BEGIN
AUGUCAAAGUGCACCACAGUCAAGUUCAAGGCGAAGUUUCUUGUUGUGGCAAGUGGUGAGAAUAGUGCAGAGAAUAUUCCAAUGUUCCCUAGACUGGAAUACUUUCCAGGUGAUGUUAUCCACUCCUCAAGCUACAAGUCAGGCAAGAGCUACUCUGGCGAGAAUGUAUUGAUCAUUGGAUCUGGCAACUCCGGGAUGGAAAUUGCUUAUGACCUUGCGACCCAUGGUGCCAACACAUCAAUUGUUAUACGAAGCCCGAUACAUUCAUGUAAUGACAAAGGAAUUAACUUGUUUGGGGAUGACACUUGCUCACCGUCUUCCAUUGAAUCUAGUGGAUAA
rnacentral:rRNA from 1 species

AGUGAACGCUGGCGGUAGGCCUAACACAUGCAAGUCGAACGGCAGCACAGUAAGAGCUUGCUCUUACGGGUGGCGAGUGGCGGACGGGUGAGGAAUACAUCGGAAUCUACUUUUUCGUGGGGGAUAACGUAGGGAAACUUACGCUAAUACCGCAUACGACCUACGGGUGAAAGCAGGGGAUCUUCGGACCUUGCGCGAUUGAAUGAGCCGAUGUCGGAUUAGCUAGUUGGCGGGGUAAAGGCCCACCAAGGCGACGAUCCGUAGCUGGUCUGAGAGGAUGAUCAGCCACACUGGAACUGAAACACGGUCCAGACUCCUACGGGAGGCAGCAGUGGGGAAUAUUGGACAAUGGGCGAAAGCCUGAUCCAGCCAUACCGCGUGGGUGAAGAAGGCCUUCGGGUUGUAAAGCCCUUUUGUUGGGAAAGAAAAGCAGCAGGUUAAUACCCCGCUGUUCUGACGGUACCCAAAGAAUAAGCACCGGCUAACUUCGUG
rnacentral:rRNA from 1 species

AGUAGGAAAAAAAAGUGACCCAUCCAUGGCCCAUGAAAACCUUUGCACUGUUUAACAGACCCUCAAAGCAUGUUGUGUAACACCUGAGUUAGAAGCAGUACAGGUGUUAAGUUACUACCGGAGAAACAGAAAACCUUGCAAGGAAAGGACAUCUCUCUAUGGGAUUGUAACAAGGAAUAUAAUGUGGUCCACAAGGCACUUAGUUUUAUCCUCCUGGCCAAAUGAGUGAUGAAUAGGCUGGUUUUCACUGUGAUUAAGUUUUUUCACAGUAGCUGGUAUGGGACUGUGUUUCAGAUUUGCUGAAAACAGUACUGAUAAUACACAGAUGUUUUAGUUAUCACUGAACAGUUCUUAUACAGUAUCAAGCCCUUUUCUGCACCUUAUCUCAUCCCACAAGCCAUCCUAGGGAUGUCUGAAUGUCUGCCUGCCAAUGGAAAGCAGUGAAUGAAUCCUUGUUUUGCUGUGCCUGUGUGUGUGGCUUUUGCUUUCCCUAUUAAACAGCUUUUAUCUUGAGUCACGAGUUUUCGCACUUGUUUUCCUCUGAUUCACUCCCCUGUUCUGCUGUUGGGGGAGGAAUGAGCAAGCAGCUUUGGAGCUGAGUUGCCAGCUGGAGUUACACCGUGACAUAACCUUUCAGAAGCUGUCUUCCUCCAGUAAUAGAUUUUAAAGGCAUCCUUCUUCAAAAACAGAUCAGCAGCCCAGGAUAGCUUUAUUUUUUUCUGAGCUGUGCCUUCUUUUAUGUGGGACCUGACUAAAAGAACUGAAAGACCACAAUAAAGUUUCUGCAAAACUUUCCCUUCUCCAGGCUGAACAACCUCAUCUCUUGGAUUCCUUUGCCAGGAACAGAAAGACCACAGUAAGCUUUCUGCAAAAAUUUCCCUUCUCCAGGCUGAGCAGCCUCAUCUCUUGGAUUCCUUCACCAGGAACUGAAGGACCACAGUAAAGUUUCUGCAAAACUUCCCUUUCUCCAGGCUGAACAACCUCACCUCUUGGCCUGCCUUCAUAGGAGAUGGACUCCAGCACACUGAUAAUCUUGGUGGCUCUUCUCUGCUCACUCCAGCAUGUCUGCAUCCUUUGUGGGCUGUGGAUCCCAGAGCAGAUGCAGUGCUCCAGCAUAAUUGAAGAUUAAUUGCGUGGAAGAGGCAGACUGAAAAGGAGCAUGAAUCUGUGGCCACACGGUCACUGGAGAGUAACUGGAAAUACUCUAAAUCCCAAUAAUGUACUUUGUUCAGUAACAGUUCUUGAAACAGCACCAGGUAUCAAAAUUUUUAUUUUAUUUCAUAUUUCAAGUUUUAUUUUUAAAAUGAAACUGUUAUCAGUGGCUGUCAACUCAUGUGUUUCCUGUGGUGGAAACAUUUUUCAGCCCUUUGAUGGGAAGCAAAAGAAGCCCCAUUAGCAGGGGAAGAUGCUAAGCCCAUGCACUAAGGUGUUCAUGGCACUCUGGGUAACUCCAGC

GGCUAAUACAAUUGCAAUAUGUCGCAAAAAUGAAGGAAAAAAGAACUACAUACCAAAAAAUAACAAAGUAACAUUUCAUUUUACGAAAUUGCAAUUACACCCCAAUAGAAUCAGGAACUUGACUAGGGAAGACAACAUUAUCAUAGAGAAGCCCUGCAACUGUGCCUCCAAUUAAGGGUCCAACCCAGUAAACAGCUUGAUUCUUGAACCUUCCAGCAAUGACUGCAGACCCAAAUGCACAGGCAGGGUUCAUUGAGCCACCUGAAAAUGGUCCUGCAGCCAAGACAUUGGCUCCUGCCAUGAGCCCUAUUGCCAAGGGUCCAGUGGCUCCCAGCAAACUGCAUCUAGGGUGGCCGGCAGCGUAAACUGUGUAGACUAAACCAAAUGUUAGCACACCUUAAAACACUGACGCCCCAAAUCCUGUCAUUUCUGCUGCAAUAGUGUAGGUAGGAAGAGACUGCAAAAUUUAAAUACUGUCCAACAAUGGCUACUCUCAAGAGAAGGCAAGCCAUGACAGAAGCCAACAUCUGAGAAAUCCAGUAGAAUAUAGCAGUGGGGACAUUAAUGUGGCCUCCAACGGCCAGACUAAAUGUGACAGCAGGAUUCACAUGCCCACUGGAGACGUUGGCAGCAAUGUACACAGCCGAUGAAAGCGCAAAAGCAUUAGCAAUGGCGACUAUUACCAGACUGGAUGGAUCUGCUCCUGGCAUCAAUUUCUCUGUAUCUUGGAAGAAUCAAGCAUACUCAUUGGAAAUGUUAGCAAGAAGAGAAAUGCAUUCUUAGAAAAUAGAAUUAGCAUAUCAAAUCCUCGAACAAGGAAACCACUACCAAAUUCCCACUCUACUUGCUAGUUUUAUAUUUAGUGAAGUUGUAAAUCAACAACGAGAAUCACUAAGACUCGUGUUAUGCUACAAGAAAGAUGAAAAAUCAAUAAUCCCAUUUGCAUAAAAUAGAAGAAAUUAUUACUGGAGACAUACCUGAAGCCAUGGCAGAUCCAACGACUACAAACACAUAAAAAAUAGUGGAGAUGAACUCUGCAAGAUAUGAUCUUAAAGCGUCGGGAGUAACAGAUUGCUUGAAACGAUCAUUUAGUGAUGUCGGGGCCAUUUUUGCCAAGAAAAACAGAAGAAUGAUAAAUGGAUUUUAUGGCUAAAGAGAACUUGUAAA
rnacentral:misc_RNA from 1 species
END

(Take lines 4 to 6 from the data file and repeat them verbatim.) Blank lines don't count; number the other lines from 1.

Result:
rnacentral:rRNA from 1 species

AGUAGGAAAAAAAAGUGACCCAUCCAUGGCCCAUGAAAACCUUUGCACUGUUUAACAGACCCUCAAAGCAUGUUGUGUAACACCUGAGUUAGAAGCAGUACAGGUGUUAAGUUACUACCGGAGAAACAGAAAACCUUGCAAGGAAAGGACAUCUCUCUAUGGGAUUGUAACAAGGAAUAUAAUGUGGUCCACAAGGCACUUAGUUUUAUCCUCCUGGCCAAAUGAGUGAUGAAUAGGCUGGUUUUCACUGUGAUUAAGUUUUUUCACAGUAGCUGGUAUGGGACUGUGUUUCAGAUUUGCUGAAAACAGUACUGAUAAUACACAGAUGUUUUAGUUAUCACUGAACAGUUCUUAUACAGUAUCAAGCCCUUUUCUGCACCUUAUCUCAUCCCACAAGCCAUCCUAGGGAUGUCUGAAUGUCUGCCUGCCAAUGGAAAGCAGUGAAUGAAUCCUUGUUUUGCUGUGCCUGUGUGUGUGGCUUUUGCUUUCCCUAUUAAACAGCUUUUAUCUUGAGUCACGAGUUUUCGCACUUGUUUUCCUCUGAUUCACUCCCCUGUUCUGCUGUUGGGGGAGGAAUGAGCAAGCAGCUUUGGAGCUGAGUUGCCAGCUGGAGUUACACCGUGACAUAACCUUUCAGAAGCUGUCUUCCUCCAGUAAUAGAUUUUAAAGGCAUCCUUCUUCAAAAACAGAUCAGCAGCCCAGGAUAGCUUUAUUUUUUUCUGAGCUGUGCCUUCUUUUAUGUGGGACCUGACUAAAAGAACUGAAAGACCACAAUAAAGUUUCUGCAAAACUUUCCCUUCUCCAGGCUGAACAACCUCAUCUCUUGGAUUCCUUUGCCAGGAACAGAAAGACCACAGUAAGCUUUCUGCAAAAAUUUCCCUUCUCCAGGCUGAGCAGCCUCAUCUCUUGGAUUCCUUCACCAGGAACUGAAGGACCACAGUAAAGUUUCUGCAAAACUUCCCUUUCUCCAGGCUGAACAACCUCACCUCUUGGCCUGCCUUCAUAGGAGAUGGACUCCAGCACACUGAUAAUCUUGGUGGCUCUUCUCUGCUCACUCCAGCAUGUCUGCAUCCUUUGUGGGCUGUGGAUCCCAGAGCAGAUGCAGUGCUCCAGCAUAAUUGAAGAUUAAUUGCGUGGAAGAGGCAGACUGAAAAGGAGCAUGAAUCUGUGGCCACACGGUCACUGGAGAGUAACUGGAAAUACUCUAAAUCCCAAUAAUGUACUUUGUUCAGUAACAGUUCUUGAAACAGCACCAGGUAUCAAAAUUUUUAUUUUAUUUCAUAUUUCAAGUUUUAUUUUUAAAAUGAAACUGUUAUCAGUGGCUGUCAACUCAUGUGUUUCCUGUGGUGGAAACAUUUUUCAGCCCUUUGAUGGGAAGCAAAAGAAGCCCCAUUAGCAGGGGAAGAUGCUAAGCCCAUGCACUAAGGUGUUCAUGGCACUCUGGGUAACUCCAGC

GGCUAAUACAAUUGCAAUAUGUCGCAAAAAUGAAGGAAAAAAGAACUACAUACCAAAAAAUAACAAAGUAACAUUUCAUUUUACGAAAUUGCAAUUACACCCCAAUAGAAUCAGGAACUUGACUAGGGAAGACAACAUUAUCAUAGAGAAGCCCUGCAACUGUGCCUCCAAUUAAGGGUCCAACCCAGUAAACAGCUUGAUUCUUGAACCUUCCAGCAAUGACUGCAGACCCAAAUGCACAGGCAGGGUUCAUUGAGCCACCUGAAAAUGGUCCUGCAGCCAAGACAUUGGCUCCUGCCAUGAGCCCUAUUGCCAAGGGUCCAGUGGCUCCCAGCAAACUGCAUCUAGGGUGGCCGGCAGCGUAAACUGUGUAGACUAAACCAAAUGUUAGCACACCUUAAAACACUGACGCCCCAAAUCCUGUCAUUUCUGCUGCAAUAGUGUAGGUAGGAAGAGACUGCAAAAUUUAAAUACUGUCCAACAAUGGCUACUCUCAAGAGAAGGCAAGCCAUGACAGAAGCCAACAUCUGAGAAAUCCAGUAGAAUAUAGCAGUGGGGACAUUAAUGUGGCCUCCAACGGCCAGACUAAAUGUGACAGCAGGAUUCACAUGCCCACUGGAGACGUUGGCAGCAAUGUACACAGCCGAUGAAAGCGCAAAAGCAUUAGCAAUGGCGACUAUUACCAGACUGGAUGGAUCUGCUCCUGGCAUCAAUUUCUCUGUAUCUUGGAAGAAUCAAGCAUACUCAUUGGAAAUGUUAGCAAGAAGAGAAAUGCAUUCUUAGAAAAUAGAAUUAGCAUAUCAAAUCCUCGAACAAGGAAACCACUACCAAAUUCCCACUCUACUUGCUAGUUUUAUAUUUAGUGAAGUUGUAAAUCAACAACGAGAAUCACUAAGACUCGUGUUAUGCUACAAGAAAGAUGAAAAAUCAAUAAUCCCAUUUGCAUAAAAUAGAAGAAAUUAUUACUGGAGACAUACCUGAAGCCAUGGCAGAUCCAACGACUACAAACACAUAAAAAAUAGUGGAGAUGAACUCUGCAAGAUAUGAUCUUAAAGCGUCGGGAGUAACAGAUUGCUUGAAACGAUCAUUUAGUGAUGUCGGGGCCAUUUUUGCCAAGAAAAACAGAAGAAUGAUAAAUGGAUUUUAUGGCUAAAGAGAACUUGUAAA